If you’re anything like me, your early-childhood relationship to chicken was downright schizophrenic. Grocery store frozen chicken breasts? Sheer hatred. Fast-food drumsticks? Overwhelming devotion. You threw temper tantrums when confronted with the former, but gobbled down the latter—until, that is, the first playground rumors of rat tails and cockroach bits reached your ears. Urban myth or corporate reality, you never felt the same about your fried chicken—and by the time you reached righteous late adolescence, you would no sooner have ventured into one of the chains selling it than you would have single-handedly headed into the rainforests to chop down trees.
Fast forward a decade or so, and there you are in Lima, one of the world’s gastronomic capitals. After a few ceviche-filled days and Pisco Sour nights, your friends—savvy locals—tell you about a chicken joint, the best in the city. You hop into the car almost before they’re done speaking, but upon arrival, you can’t help but think there’s been a terrible mistake. Rather than the colorful mom-and-pop storefront you’d envisioned, you find yourself in a restaurant with the same glitzy-bland feel as innumerable “family dining” chains back home—the sort you avoid both on instinct and on principle.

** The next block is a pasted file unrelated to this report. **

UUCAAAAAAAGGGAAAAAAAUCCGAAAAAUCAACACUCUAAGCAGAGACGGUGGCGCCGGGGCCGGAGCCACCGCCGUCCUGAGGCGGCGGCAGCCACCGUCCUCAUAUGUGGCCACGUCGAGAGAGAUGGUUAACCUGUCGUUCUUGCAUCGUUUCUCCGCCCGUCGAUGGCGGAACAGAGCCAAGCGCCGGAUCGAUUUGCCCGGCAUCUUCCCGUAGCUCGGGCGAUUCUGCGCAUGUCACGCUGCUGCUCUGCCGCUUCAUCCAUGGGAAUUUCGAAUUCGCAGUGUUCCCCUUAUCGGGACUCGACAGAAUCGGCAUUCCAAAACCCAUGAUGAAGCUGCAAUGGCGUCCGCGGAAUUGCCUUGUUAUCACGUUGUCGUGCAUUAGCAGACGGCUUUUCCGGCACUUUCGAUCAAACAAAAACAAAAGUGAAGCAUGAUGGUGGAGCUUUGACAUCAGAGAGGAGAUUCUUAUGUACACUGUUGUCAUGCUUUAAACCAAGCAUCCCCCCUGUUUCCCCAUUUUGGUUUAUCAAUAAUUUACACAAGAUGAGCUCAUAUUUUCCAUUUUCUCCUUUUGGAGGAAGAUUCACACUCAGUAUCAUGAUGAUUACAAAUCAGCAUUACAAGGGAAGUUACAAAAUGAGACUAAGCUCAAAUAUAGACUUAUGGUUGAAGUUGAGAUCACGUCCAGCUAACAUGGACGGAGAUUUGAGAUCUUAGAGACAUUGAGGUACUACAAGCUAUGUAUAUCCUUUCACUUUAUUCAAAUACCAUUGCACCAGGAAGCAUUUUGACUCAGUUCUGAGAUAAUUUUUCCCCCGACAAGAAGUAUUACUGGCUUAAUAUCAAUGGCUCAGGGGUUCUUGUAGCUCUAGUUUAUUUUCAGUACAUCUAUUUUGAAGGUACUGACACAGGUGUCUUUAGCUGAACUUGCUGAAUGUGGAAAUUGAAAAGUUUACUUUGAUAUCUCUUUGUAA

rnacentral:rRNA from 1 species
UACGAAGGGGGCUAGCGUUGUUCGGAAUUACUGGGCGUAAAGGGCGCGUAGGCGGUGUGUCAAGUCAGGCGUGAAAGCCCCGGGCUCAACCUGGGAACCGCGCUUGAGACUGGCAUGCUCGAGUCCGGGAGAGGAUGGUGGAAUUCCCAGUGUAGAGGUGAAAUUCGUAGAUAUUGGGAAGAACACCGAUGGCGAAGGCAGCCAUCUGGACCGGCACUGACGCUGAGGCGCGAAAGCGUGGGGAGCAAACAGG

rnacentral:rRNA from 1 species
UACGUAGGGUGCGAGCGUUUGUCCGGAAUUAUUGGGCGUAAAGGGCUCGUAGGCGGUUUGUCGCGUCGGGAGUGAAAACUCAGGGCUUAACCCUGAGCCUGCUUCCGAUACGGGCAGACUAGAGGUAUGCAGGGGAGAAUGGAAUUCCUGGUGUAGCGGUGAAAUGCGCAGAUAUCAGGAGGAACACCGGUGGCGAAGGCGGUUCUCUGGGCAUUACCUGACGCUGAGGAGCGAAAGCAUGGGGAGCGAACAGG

Welcome to Peru, where all your worries about chicken (tasteless? mass-produced? environmentally irresponsible?) are unfounded. And welcome, specifically, to Pardo’s Chicken, a venerable institution with 13 branches in the capital and another three around the country. Its slogan is ¡Siente el sabor peruano! (“Taste the Peruvian flavor!”), and on any given day, you’ll find a healthy mix of natives and tourists from all walks of life doing just that. The particular sabor they’re clamoring after is pollo a la brasa—chicken roasted on a spit before being hacked into quarters and served with a variety of dipping sauces, including the show-stopping mayonesa de ají, a spicy mayonnaise made with the venerable hot yellow pepper that is the backbone of Peruvian cuisine.
Perhaps I shouldn’t have been quite so surprised. After all, this is a country where any given outdoor market boasts stall upon stall of chicken sellers painstakingly hand-removing stray quills from their freshly slaughtered and scalded birds before butchering them to each individual shopper’s specifications. But even so, the shock of eating crisp-skinned chicken that good after years of abstinence—not to mention chewing on the bones for every last scrap of meat, just like my child-of-the-Depression grandmother would have—was profound. And eerie, too, for with the first bite of pollo a la brasa, a hush descended upon the whole table. “We call it the twenty-minute rule,” laughs my friend Betsabé Cabrera de Reichardt, a 28-year-old Lima resident who has been going to Pardos since she was a little girl. “You just can’t talk while you eat Pardos. There’s nothing left to say.”
Nothing, except this: ¡Buen provecho!
If you want to try this chicken north of the border, Pardo’s also has a location in Coral Gables, Florida